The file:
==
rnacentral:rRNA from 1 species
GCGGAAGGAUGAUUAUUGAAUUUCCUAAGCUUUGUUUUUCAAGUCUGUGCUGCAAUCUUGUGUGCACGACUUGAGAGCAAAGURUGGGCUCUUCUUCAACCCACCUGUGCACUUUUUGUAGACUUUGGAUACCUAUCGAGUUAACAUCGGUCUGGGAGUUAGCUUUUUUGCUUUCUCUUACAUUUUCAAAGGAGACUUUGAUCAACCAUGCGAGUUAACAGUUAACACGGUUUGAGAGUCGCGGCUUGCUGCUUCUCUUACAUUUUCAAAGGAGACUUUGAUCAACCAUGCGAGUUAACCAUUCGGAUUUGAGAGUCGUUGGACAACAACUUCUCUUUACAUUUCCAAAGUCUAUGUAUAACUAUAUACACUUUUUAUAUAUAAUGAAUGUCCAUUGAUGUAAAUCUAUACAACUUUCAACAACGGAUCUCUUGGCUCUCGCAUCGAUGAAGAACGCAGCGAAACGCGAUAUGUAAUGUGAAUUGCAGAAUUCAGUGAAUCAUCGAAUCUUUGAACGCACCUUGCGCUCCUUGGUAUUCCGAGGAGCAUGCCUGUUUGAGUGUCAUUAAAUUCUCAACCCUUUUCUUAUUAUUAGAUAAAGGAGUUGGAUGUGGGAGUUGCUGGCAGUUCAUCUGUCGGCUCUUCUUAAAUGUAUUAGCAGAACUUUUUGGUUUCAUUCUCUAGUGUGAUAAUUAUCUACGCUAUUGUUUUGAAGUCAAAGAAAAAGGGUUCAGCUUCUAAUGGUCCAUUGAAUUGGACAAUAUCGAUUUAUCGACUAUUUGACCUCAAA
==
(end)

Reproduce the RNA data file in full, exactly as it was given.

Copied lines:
rnacentral:rRNA from 1 species
GCGGAAGGAUGAUUAUUGAAUUUCCUAAGCUUUGUUUUUCAAGUCUGUGCUGCAAUCUUGUGUGCACGACUUGAGAGCAAAGURUGGGCUCUUCUUCAACCCACCUGUGCACUUUUUGUAGACUUUGGAUACCUAUCGAGUUAACAUCGGUCUGGGAGUUAGCUUUUUUGCUUUCUCUUACAUUUUCAAAGGAGACUUUGAUCAACCAUGCGAGUUAACAGUUAACACGGUUUGAGAGUCGCGGCUUGCUGCUUCUCUUACAUUUUCAAAGGAGACUUUGAUCAACCAUGCGAGUUAACCAUUCGGAUUUGAGAGUCGUUGGACAACAACUUCUCUUUACAUUUCCAAAGUCUAUGUAUAACUAUAUACACUUUUUAUAUAUAAUGAAUGUCCAUUGAUGUAAAUCUAUACAACUUUCAACAACGGAUCUCUUGGCUCUCGCAUCGAUGAAGAACGCAGCGAAACGCGAUAUGUAAUGUGAAUUGCAGAAUUCAGUGAAUCAUCGAAUCUUUGAACGCACCUUGCGCUCCUUGGUAUUCCGAGGAGCAUGCCUGUUUGAGUGUCAUUAAAUUCUCAACCCUUUUCUUAUUAUUAGAUAAAGGAGUUGGAUGUGGGAGUUGCUGGCAGUUCAUCUGUCGGCUCUUCUUAAAUGUAUUAGCAGAACUUUUUGGUUUCAUUCUCUAGUGUGAUAAUUAUCUACGCUAUUGUUUUGAAGUCAAAGAAAAAGGGUUCAGCUUCUAAUGGUCCAUUGAAUUGGACAAUAUCGAUUUAUCGACUAUUUGACCUCAAA